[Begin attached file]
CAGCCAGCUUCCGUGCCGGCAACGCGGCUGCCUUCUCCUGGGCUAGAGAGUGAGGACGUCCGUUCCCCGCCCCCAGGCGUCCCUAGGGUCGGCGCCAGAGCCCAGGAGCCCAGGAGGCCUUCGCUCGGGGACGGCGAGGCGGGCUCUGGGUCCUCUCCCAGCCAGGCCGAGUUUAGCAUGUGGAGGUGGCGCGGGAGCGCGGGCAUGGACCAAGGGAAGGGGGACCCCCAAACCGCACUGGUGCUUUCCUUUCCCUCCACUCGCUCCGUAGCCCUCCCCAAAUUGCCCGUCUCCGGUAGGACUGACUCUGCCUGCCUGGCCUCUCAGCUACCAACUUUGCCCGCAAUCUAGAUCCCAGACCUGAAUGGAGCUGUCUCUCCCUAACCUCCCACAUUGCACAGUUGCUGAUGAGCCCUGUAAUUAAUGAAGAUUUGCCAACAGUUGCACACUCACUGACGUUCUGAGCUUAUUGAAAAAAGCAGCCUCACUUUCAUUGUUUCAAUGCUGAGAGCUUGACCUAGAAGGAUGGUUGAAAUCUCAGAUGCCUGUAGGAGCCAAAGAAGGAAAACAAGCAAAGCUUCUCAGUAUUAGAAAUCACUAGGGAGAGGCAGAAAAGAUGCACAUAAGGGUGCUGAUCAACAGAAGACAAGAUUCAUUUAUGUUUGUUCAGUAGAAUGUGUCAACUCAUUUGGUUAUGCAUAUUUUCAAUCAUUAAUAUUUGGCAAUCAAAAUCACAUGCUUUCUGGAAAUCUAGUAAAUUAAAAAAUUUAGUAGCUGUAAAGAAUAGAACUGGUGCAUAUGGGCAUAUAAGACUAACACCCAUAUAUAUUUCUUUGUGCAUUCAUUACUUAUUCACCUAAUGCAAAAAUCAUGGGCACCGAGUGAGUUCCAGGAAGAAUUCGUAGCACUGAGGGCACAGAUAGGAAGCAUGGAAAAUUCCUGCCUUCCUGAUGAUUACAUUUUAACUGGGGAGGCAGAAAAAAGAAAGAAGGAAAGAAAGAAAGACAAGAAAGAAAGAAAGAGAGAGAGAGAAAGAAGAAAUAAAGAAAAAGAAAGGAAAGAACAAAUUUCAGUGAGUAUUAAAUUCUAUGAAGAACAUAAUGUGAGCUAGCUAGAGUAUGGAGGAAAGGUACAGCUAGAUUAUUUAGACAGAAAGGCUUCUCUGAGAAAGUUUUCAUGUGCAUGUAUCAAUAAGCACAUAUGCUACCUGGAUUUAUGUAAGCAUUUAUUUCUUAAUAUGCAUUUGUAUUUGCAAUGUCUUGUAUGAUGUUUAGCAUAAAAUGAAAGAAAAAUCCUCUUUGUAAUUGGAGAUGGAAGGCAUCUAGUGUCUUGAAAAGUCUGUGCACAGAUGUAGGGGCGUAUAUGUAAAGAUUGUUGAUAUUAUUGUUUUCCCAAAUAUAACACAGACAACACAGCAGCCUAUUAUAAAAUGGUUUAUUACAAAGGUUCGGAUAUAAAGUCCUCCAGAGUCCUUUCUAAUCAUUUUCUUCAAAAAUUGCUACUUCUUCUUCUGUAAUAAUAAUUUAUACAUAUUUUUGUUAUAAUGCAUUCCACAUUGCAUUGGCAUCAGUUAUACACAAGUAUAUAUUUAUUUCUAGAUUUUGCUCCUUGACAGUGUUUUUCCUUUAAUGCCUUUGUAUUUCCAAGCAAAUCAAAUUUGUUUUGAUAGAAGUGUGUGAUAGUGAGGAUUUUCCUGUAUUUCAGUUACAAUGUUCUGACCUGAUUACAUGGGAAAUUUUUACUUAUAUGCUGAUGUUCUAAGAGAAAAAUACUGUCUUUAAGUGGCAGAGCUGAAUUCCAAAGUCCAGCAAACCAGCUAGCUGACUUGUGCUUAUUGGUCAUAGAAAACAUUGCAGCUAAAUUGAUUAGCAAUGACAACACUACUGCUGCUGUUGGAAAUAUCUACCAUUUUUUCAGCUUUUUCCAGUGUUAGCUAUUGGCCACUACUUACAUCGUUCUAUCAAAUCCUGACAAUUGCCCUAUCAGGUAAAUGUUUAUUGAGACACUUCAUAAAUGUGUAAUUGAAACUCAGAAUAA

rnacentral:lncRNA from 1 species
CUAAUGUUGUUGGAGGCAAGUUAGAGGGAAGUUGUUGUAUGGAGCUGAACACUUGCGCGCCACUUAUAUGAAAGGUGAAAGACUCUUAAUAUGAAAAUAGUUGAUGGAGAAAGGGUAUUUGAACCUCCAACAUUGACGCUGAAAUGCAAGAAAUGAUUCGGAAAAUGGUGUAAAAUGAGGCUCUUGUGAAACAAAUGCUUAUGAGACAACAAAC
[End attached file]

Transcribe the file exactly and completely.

CAGCCAGCUUCCGUGCCGGCAACGCGGCUGCCUUCUCCUGGGCUAGAGAGUGAGGACGUCCGUUCCCCGCCCCCAGGCGUCCCUAGGGUCGGCGCCAGAGCCCAGGAGCCCAGGAGGCCUUCGCUCGGGGACGGCGAGGCGGGCUCUGGGUCCUCUCCCAGCCAGGCCGAGUUUAGCAUGUGGAGGUGGCGCGGGAGCGCGGGCAUGGACCAAGGGAAGGGGGACCCCCAAACCGCACUGGUGCUUUCCUUUCCCUCCACUCGCUCCGUAGCCCUCCCCAAAUUGCCCGUCUCCGGUAGGACUGACUCUGCCUGCCUGGCCUCUCAGCUACCAACUUUGCCCGCAAUCUAGAUCCCAGACCUGAAUGGAGCUGUCUCUCCCUAACCUCCCACAUUGCACAGUUGCUGAUGAGCCCUGUAAUUAAUGAAGAUUUGCCAACAGUUGCACACUCACUGACGUUCUGAGCUUAUUGAAAAAAGCAGCCUCACUUUCAUUGUUUCAAUGCUGAGAGCUUGACCUAGAAGGAUGGUUGAAAUCUCAGAUGCCUGUAGGAGCCAAAGAAGGAAAACAAGCAAAGCUUCUCAGUAUUAGAAAUCACUAGGGAGAGGCAGAAAAGAUGCACAUAAGGGUGCUGAUCAACAGAAGACAAGAUUCAUUUAUGUUUGUUCAGUAGAAUGUGUCAACUCAUUUGGUUAUGCAUAUUUUCAAUCAUUAAUAUUUGGCAAUCAAAAUCACAUGCUUUCUGGAAAUCUAGUAAAUUAAAAAAUUUAGUAGCUGUAAAGAAUAGAACUGGUGCAUAUGGGCAUAUAAGACUAACACCCAUAUAUAUUUCUUUGUGCAUUCAUUACUUAUUCACCUAAUGCAAAAAUCAUGGGCACCGAGUGAGUUCCAGGAAGAAUUCGUAGCACUGAGGGCACAGAUAGGAAGCAUGGAAAAUUCCUGCCUUCCUGAUGAUUACAUUUUAACUGGGGAGGCAGAAAAAAGAAAGAAGGAAAGAAAGAAAGACAAGAAAGAAAGAAAGAGAGAGAGAGAAAGAAGAAAUAAAGAAAAAGAAAGGAAAGAACAAAUUUCAGUGAGUAUUAAAUUCUAUGAAGAACAUAAUGUGAGCUAGCUAGAGUAUGGAGGAAAGGUACAGCUAGAUUAUUUAGACAGAAAGGCUUCUCUGAGAAAGUUUUCAUGUGCAUGUAUCAAUAAGCACAUAUGCUACCUGGAUUUAUGUAAGCAUUUAUUUCUUAAUAUGCAUUUGUAUUUGCAAUGUCUUGUAUGAUGUUUAGCAUAAAAUGAAAGAAAAAUCCUCUUUGUAAUUGGAGAUGGAAGGCAUCUAGUGUCUUGAAAAGUCUGUGCACAGAUGUAGGGGCGUAUAUGUAAAGAUUGUUGAUAUUAUUGUUUUCCCAAAUAUAACACAGACAACACAGCAGCCUAUUAUAAAAUGGUUUAUUACAAAGGUUCGGAUAUAAAGUCCUCCAGAGUCCUUUCUAAUCAUUUUCUUCAAAAAUUGCUACUUCUUCUUCUGUAAUAAUAAUUUAUACAUAUUUUUGUUAUAAUGCAUUCCACAUUGCAUUGGCAUCAGUUAUACACAAGUAUAUAUUUAUUUCUAGAUUUUGCUCCUUGACAGUGUUUUUCCUUUAAUGCCUUUGUAUUUCCAAGCAAAUCAAAUUUGUUUUGAUAGAAGUGUGUGAUAGUGAGGAUUUUCCUGUAUUUCAGUUACAAUGUUCUGACCUGAUUACAUGGGAAAUUUUUACUUAUAUGCUGAUGUUCUAAGAGAAAAAUACUGUCUUUAAGUGGCAGAGCUGAAUUCCAAAGUCCAGCAAACCAGCUAGCUGACUUGUGCUUAUUGGUCAUAGAAAACAUUGCAGCUAAAUUGAUUAGCAAUGACAACACUACUGCUGCUGUUGGAAAUAUCUACCAUUUUUUCAGCUUUUUCCAGUGUUAGCUAUUGGCCACUACUUACAUCGUUCUAUCAAAUCCUGACAAUUGCCCUAUCAGGUAAAUGUUUAUUGAGACACUUCAUAAAUGUGUAAUUGAAACUCAGAAUAA

rnacentral:lncRNA from 1 species
CUAAUGUUGUUGGAGGCAAGUUAGAGGGAAGUUGUUGUAUGGAGCUGAACACUUGCGCGCCACUUAUAUGAAAGGUGAAAGACUCUUAAUAUGAAAAUAGUUGAUGGAGAAAGGGUAUUUGAACCUCCAACAUUGACGCUGAAAUGCAAGAAAUGAUUCGGAAAAUGGUGUAAAAUGAGGCUCUUGUGAAACAAAUGCUUAUGAGACAACAAAC